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The New Industrial Revolution

   2021    Technology
This there-part series explores monumental changes in the workplace and the long-term impact on workers, employers, educators and communities. Employment is part of the American Dream. Will the future provide opportunities for jobs that sustain families and the nation?
The first episode illuminates disruptions to the world of work--AI, robotics, globalization and labor practices. The COVID-19 pandemic was a new driver of change; at the pandemic's height, unemployment flipped from its lowest rate in 50 years to its highest level in a century.
Series: Future of Work

The Genius of Leonardo da Vinci

   2018    History
Dr Janina Ramirez embarks on a journey through six decades of the BBC archives to create a television history of one of the most celebrated figures in art - Leonardo Da Vinci. Ramirez shows how experts and art presenters have turned to television to bring Leonardo's artwork out of galleries and into our living rooms. Through television they have explored the origins of Leonardo's boundless curiosity, his pioneering use of light and shade, and his remarkable scientific exploration.
Along the way Dr Ramirez discovers Britain's little-known version of The Last Supper, the gruesome ways Leonardo acquired his anatomical knowledge - and even what lies beneath the Mona Lisa.

The Golden Age

   2016    History
This episode tells the tale of what's broadly considered China's most creative dynasty - the Song (960-1279). Michael Wood heads to the city of Kaifeng, the greatest city in the world before the 19th century. Here in Twin Dragon Alley, locals tell him the legend of the baby boys who became emperors.
He explores the ideas and inventions that made the Song one of greatest eras in world culture, helped by China's most famous work of art, the Kaifeng scroll, which shows the life of the city in around 1120. A chef makes Michael a recipe from a Song cookbook, while a guide to 'how to live happy, healthy lives for old people', published in 1085 and still in print, is discussed with local women doing their morning exercises. The Song was also a great era for scientific advance in China. Michael steers a huge working replica of an astronomical clock, made by China's Leonardo da Vinci.
Then at a crunch Chinese Premier League match, Michael tells us the Chinese invented football! The golden age of the northern Song ended in 1127, when invaders sacked Kaifeng, but they survived in the south. At their new capital, Hangzhou, Wood joins locals dancing by the West Lake, while in the countryside he meets Mr Xie with his records of 40 generations of ancestors. The final defeat of the Song took place in a naval battle in the estuary of the Pearl River in 1279. When all was lost, rather than surrender to the Mongols, a loyal minister jumped into the sea with the young boy emperor in his arms. 'So ended the glory of the Song', Wood concludes, 'but a new age would arise... as in China, it always has!'.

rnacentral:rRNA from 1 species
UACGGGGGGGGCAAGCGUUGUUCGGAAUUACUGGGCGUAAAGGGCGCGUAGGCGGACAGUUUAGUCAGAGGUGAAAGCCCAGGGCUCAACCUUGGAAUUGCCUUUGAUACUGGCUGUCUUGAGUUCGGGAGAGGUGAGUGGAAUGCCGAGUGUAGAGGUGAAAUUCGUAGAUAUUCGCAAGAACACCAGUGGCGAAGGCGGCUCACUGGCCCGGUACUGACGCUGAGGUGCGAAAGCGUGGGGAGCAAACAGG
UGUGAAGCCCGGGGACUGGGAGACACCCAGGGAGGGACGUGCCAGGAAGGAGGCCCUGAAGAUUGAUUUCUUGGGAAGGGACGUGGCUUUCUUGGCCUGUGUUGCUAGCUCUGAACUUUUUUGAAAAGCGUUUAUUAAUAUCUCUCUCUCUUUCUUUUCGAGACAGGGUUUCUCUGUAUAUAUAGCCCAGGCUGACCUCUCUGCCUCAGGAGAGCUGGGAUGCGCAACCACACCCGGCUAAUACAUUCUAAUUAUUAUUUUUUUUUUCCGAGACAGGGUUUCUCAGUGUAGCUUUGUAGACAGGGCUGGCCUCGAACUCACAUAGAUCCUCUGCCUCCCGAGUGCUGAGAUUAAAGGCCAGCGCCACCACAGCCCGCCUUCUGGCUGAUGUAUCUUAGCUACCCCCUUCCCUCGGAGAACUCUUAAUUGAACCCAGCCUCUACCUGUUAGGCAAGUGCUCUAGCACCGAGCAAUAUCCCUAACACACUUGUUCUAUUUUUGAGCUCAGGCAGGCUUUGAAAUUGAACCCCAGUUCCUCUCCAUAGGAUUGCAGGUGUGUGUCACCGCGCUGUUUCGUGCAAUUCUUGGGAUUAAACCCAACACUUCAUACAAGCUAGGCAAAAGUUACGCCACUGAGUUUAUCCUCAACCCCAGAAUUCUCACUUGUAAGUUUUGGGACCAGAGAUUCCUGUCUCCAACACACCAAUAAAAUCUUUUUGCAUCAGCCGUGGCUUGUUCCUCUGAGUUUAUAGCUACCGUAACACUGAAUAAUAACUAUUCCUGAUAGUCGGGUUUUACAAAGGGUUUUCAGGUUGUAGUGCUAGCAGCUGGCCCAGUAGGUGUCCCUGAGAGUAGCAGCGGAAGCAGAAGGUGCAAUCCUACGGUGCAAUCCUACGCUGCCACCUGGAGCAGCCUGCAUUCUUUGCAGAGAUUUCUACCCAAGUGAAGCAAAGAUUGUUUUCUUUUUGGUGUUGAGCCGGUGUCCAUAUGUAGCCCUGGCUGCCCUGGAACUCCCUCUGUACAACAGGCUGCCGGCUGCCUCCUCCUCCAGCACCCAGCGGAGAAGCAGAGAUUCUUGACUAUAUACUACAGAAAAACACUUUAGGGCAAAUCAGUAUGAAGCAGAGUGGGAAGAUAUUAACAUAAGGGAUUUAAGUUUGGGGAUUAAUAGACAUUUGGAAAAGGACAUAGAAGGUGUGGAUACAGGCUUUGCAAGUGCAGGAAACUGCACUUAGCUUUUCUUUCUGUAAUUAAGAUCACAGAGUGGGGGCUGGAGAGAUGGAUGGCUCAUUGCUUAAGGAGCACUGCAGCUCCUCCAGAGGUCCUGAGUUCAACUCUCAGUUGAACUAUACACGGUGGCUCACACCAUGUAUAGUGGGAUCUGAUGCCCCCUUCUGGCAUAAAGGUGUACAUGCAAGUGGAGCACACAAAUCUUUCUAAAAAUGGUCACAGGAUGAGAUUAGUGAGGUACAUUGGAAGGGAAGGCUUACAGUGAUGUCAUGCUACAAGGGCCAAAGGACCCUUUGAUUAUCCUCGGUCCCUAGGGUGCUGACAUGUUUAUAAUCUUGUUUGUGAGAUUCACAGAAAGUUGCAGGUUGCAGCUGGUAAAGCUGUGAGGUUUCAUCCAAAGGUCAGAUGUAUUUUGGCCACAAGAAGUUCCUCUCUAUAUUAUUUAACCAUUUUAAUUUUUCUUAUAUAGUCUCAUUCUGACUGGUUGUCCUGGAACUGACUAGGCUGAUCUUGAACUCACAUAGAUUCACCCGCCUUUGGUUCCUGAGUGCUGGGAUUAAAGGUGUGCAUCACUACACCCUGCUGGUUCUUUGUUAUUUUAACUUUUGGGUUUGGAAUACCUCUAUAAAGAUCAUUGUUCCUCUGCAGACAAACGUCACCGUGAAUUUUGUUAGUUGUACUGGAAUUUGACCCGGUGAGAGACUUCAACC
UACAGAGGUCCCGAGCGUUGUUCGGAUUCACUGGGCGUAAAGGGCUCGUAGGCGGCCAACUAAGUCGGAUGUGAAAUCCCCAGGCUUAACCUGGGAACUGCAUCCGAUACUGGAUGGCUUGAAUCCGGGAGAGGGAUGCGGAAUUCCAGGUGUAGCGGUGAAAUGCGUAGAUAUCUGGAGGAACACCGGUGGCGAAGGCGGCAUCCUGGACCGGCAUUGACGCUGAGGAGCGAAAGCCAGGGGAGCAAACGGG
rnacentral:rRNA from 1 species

Series: The Story of China

Florence and the Uffizi Gallery

   2016    Art    3D
This film is a multi-dimensional journey through the city that was once the cradle of the Italian Renaissance. Get an exclusive tour through the most beautiful and representative works of art of the period from Michelangelo and Brunelleschi, to Leonardo and Botticelli, with a detailed central chapter dedicated to the very treasure house containing their masterpieces: the Uffizi Gallery. This also includes the breathtaking 'Adoration of the Mag' by Leonardo Da Vinci, which, after several years of restoration, will be brought back to life and unveiled in this worldwide exclusive premiere on the big screen.

Adoration in the Forest

   2010    Art
Painted over five centuries ago, Filippo Lippi's nativity is like none other: it shows the birth of Christ in a dark, wooded wilderness. There are no shepherds, kings, ox, ass – there is no Joseph. Its beauty inspired Michelangelo, Leonardo da Vinci and Botticelli. But it also conceals a deeply personal story. It was painted for Cosimo de Medici, a wealthy banker who feared that his money was dragging him straight to hell. The artist's life was equally surprising. One of the most celebrated painters of his day, Filippo Lippi was also a Carmelite friar, but he was no stranger to the temptations of the flesh, to which he frequently yielded. Shortly before painting his Adoration, he caused uproar by seducing a twenty year-old nun. His paintings rejoice not only in divine beauty, but in the beauty of women. In later times, the Adoration's history was interwoven with that of rulers and dictators. It became a bargaining chip after Napoleon's allies seized twenty merchant ships. And in the 20th century, it was hidden by the Nazis in a potassium mine, where specialist american officers, known as Monuments Men, stumbled upon it. they were now told to get it ready to be shipped out. In an unprecedented turn of events they refused. This is the only known case in the whole of the Second World War of American officers refusing an order. It was sent to the National Gallery of Art, but in 1949 Lippi's Adoration was returned to Germany.
Series: The Private Life of a Masterpiece
Minimalism
Minimalism

   2015    Culture
Welcome to Earth
Welcome to Earth

   2021    Nature
P.U.L.S.E
P.U.L.S.E

   2006    Art
The Private Life of Plants
The Private Life of Plants

   1994    Nature
The Normans
The Normans

   2010    History
How to Grow a Planet
How to Grow a Planet

   2012    Science
Cooked
Cooked

   2016    Culture